A new Vanity Fair analysis refers to former president Barack Obama as a “visionary” but notes that up-and-coming Democrats are starting to frown upon his legacy.
Author T.A. Frank surmises that perhaps it isn’t the quality of his work – praising such legacy items as the Affordable Care Act, DACA, and the Paris climate deal – but rather acceptance by the American public and how it might reflect on their own political prospects.
In a relatively short period of time, President Trump has almost single-handedly dismantled Obama’s legacy. The above-noted items have all been torn apart in some manner. Others not listed have as well.
Trump has pulled America out of the Paris Accord, reversed pro-illegal immigration executive orders, rescinded countless government regulations, repealed the Obamacare individual mandate, and of course, pulled out of the Iran nuclear agreement.
Was He a Bad President?
Worse than policy issues, younger faces of the Democrat Party have found Obama’s vision devastating to their futures in politics.
They are keenly aware that the 2016 presidential election was widely seen as a referendum on a perceived third term for Obama, and it resulted in a devastating loss for the left.
Likewise, throughout his two terms as president, Obama would frequently remind voters that while he wasn’t on the ballot in 2010, 2014, and 2016, his policies were. The American electorate responded by delivering historic losses for the Democrat Party at every single level of government.
— Michael Grunwald (@MikeGrunwald) December 28, 2018
The financial crisis was Obama’s moment of truth, and he sided with the establishment. Now, the 2020 field must contend with an uncomfortable question: was Obama a bad president? https://t.co/WY6JExdxoI
— VANITY FAIR (@VanityFair) January 15, 2019
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You can believe Obama was an OK president (and better than the GOP) and also believe that if we replicate Obama’s record of historic increases in oil production, then climate change will kill lots of people.
You can think both. It’s weird that some folks can’t understand that. https://t.co/eWAib5kOh6
— David Sirota (@davidsirota) December 28, 2018
“If today’s Democrats can’t beat Trump, then maybe Hillary Clinton wasn’t as bad a candidate as her critics claimed,” Frank wrote. “And if Clinton wasn’t the problem, then what was the problem?”
“Such questions are behind a recent spike of debates on the left over Barack Obama’s record. More and more voices seem to be saying, either obliquely or bluntly, that Obama was a bad president.”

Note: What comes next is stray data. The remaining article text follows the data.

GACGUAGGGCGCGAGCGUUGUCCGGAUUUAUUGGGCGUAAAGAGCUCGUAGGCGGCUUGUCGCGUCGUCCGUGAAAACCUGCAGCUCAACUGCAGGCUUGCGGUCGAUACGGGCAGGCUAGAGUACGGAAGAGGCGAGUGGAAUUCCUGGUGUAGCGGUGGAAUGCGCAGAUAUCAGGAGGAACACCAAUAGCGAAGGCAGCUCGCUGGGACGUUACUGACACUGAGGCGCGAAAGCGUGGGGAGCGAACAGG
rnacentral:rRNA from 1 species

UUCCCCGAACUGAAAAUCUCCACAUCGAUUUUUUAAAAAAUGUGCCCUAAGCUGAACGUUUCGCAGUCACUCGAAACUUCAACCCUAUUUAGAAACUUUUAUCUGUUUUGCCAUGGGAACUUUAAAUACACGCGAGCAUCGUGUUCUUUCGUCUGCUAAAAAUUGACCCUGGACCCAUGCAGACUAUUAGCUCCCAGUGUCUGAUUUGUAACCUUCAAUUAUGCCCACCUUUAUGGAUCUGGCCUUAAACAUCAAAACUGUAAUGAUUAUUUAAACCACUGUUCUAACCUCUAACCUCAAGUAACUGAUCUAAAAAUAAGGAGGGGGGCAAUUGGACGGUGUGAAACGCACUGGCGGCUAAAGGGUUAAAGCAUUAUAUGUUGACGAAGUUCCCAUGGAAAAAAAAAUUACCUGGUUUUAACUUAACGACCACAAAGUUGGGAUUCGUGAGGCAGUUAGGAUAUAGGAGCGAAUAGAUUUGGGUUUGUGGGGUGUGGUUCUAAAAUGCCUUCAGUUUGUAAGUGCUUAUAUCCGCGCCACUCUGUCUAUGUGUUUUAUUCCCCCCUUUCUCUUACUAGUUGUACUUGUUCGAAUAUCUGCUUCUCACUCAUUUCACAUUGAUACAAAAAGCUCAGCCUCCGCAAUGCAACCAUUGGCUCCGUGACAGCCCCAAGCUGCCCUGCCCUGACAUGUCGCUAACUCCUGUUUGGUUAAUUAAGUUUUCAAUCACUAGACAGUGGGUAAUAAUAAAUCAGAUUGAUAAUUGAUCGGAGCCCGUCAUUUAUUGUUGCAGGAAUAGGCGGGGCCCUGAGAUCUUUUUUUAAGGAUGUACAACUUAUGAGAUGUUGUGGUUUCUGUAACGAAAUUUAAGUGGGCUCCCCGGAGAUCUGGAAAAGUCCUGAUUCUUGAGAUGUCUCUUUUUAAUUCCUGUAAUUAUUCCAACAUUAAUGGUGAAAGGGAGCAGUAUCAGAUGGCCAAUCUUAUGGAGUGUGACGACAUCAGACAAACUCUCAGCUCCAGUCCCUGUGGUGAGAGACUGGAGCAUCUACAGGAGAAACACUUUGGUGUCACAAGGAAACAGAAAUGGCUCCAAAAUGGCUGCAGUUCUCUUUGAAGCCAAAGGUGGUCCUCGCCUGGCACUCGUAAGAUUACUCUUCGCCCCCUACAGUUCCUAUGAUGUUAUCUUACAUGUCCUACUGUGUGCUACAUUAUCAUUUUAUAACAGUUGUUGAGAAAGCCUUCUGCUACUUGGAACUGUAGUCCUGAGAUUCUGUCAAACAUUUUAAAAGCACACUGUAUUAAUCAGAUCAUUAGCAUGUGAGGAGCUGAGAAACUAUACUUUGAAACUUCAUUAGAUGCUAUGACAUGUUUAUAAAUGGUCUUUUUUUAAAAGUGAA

I don’t recommend attacking Obama if you want Democratic votes. It’s just that he did a bad job and so getting Democratic votes requires not being straightforward about that.
— Matt Stoller (@matthewstoller) January 2, 2019
They Want His Help, But They Don’t Want His Help
Obama has been meeting behind closed doors with several potential candidates that plan to take on President Trump in 2020.
Top prospects such as Bernie Sanders, Eric Holder, Elizabeth Warren, and his partner in crime, former Vice President Joe Biden, have all sought council from Obama on how to defeat the President.
Yet, as Frank points out, they’ll all have to answer significant questions about the last Democrat president and distance themselves from some of his policies.
From the Vanity Fair piece:
… many of the country’s most ominous trends proceeded apace under his watch. The financialization of the economy kept increasing. Student debt kept exploding. Trade policy kept its same priorities. Opioid addiction kept spreading. Suicide numbers kept rising. Disparities in life expectancy between rich and poor kept widening. Union membership kept declining. Illegal border-crossers kept coming. Our defense commitments kept growing. In towns like Jasper, Indiana, and Mebane, North Carolina, factory workers—a hundred here, a couple of hundred there—kept losing their middle-class jobs, outcompeted by giant Chinese mills with appalling conditions.
Will these 2020 contenders be able to successfully capitalize on an uptick in Obama’s likability as time washes away reminders of his epic failures as president, while simultaneously keeping those failures at arm’s length from the public view?
It remains to be seen.
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